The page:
Monday, June 27, 2011

Freshwater Eels

From willow-leaved larvae to snakelike adults, eels have interested and bewildered us for a long time. Even today, they still have many secrets, some of which we may never uncover.

The jaw-dropping story of European and American eels starts, not in the rivers where the adults are found, but in deep water in part of the western Atlantic known as the Sargasso Sea. In the case of the European eel, this is some 4,000 miles away from the home rivers of the adults. Larval eels (known as leptocephali) take up to three years to cover the distance from their place of birth to their eventual homes. For the American eel, the journey is much shorter, but it can still take the larvae about a year to complete the trip.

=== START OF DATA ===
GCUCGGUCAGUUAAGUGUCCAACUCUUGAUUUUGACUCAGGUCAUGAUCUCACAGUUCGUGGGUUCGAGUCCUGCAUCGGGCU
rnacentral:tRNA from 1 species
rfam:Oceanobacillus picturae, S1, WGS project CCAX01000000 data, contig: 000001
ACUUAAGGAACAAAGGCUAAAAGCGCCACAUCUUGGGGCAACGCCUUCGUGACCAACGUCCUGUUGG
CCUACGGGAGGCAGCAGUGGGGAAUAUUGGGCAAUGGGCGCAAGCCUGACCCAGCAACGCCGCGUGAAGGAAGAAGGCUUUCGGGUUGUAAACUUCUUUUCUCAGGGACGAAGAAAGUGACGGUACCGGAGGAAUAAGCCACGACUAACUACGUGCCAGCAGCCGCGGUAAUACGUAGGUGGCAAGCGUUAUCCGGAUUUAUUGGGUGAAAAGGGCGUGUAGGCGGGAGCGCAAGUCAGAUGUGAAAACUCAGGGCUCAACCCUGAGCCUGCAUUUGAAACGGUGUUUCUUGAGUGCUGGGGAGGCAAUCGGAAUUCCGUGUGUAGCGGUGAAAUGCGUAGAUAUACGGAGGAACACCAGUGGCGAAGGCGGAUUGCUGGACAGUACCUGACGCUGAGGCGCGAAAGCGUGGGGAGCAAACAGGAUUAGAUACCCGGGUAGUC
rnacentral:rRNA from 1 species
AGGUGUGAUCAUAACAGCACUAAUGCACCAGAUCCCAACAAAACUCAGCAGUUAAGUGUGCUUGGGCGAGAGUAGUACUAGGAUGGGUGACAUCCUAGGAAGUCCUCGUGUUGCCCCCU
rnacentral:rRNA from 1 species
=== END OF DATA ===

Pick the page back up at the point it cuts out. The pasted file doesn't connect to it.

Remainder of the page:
Breeding Grounds

 EelsGranted that endless many eels had been gotten, gutted, and consumed over the centuries, none was ever found with egg-filled ovaries, or ripe eggs, or even sperm inside them. The first of these discoveries had to wait until 1777, when developing ovaries were found in a female specimen. About a hundred years later, a mature male was found, followed, several years on, by a fully mature female. 

It had nevertheless been observed that at certain times of the year adult eels showed an irresistible drive to reach the sea, even slithering over damp ground to do so. Gradually, it was realized that eels bred at sea.


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